Risk Consultancy

Formal Safety Assessments

Formal Safety Assessments

Marex can carry out the following formal safety assessments as part of the safety case associated documentation or as stand-alone assessments.

  • HAZID Study
    The HAZID study is carried out to ensure that all hazards are comprehensively identified and assessed. HAZID workshops provide a means to involve the workforce directly in the safety case development process.
  • BowTie Analysis
    The BowTie analysis effectively communicates complex risk scenarios in a graphical format that shows the relationships between the causes of unwanted events and their potential escalation to losses and damage. BowTie models show the controls which prevent the top event from occurring in the first place specific to each cause and those recovery controls which are in place to limit the potential outcomes. The BowTie analysis provides a means to involve the workforce directly in the risk analysis and safety case development process. The process helps in identifying deficiencies or opportunities for improvement and will make recommendations for measures required to reduce risk to a level that is as low as reasonably practicable (ALARP).
  • Fire and Explosion Analysis (FEA)
    The FEA analyses the consequences of fire and explosion events on personnel and equipment on the offshore installation using quantitative and qualitative techniques and determines the potential for fire and explosion event escalation to other hazardous consequences. The method identifies and assesses the control measures required to manage the fire and explosion related risks. The process helps in identifying deficiencies or opportunities for improvement and will make recommendations for measures required to reduce risk to a level that is ALARP and provides input data for use in other related FSA studies.
  • Escape, Evacuation and Rescue Analysis (EERA)
    The EERA provides an assessment of the effectiveness of the escape, evacuation and rescue (EER) systems and equipment on the offshore installation that ensure personnel can escape from their work area to a place of safe muster, to evacuate and ultimately be rescued. The process helps in identifying deficiencies or opportunities for improvement and will make recommendations for measures required to reduce risk to a level that is ALARP.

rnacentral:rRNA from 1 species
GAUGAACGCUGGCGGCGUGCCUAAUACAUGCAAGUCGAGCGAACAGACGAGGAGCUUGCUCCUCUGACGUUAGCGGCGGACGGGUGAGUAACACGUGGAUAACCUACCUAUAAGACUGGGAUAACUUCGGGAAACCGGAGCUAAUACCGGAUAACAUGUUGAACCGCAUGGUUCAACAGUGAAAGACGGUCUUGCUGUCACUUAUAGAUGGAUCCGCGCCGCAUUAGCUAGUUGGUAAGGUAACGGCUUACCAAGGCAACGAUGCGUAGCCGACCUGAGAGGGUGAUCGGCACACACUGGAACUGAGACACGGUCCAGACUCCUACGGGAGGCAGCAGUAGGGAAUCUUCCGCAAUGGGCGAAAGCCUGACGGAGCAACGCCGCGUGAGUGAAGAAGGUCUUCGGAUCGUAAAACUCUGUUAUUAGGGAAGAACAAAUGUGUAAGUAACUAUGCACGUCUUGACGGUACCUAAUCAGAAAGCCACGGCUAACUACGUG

• Emergency Systems Survivability Analysis (ESSA)
    The ESSA examines SECEs which are in place to reduce the risk to personnel during escape, muster, evacuation and / or rescue from emergencies associated with major accident events. The process identifies the SECEs installed and determines their criticality during emergencies. The ability of the SECE to survive emergency situations associated with major accident events for sufficient time to allow them to complete their designated function, through redundancy or fail-safe functions is assessed. The process helps in identifying deficiencies or opportunities for improvement and will make recommendations for measures required to reduce risk to a level that is ALARP.
  • Quantitative Risk Assessment (QRA)
    The objective of the QRA is to quantify the cumulative risk to offshore installation personnel from the major accident hazards identified through the other FSA, in particular, the HAZID study and the BowTie analysis. The frequency of impairment of the temporary refuge can also be quantified. The results can then be reviewed against the client’s tolerability criteria. The process will identify what drives the risk so that hazards can be effectively managed.
  • Human Factors Assessments

    The Marex human factors trained team, including highly experienced certified personnel, perform a range of human factors assessments, including:

    – Safety critical task analyses (SCTAs) – this method could be used to provide a demonstration that the major hazard analysis for the installation has considered people as both a key element in safe operation and as a potential cause of major accidents and their escalation. Hierarchical task analysis (HTA) is used for systematically documenting tasks to provide a basis for risk assessment. Subsequently, Human reliability analysis (HRA) is used to analyse the steps in the task analysis developed using HTA to identify possible human failure modes. The consequences of these errors are then explored, and if these are severe, appropriate error prevention strategies should be developed.

    – Control room analyses – to assess the ergonomics of key control stations of an installation including control room HMI assessments and alarm optimisation assessments. The assessments are carried out against industry standards, guidance and good practice.

    – General human factors assessments – based on UK Health and Safety Executive’s (HSE) guidance ‘Reducing error and influencing behaviour’ (HSG48) to identify and analyse the general impact of human error and behaviour on the workplace health and safety, and how workers’ physical and mental health can be affected by ergonomics and organisational factors.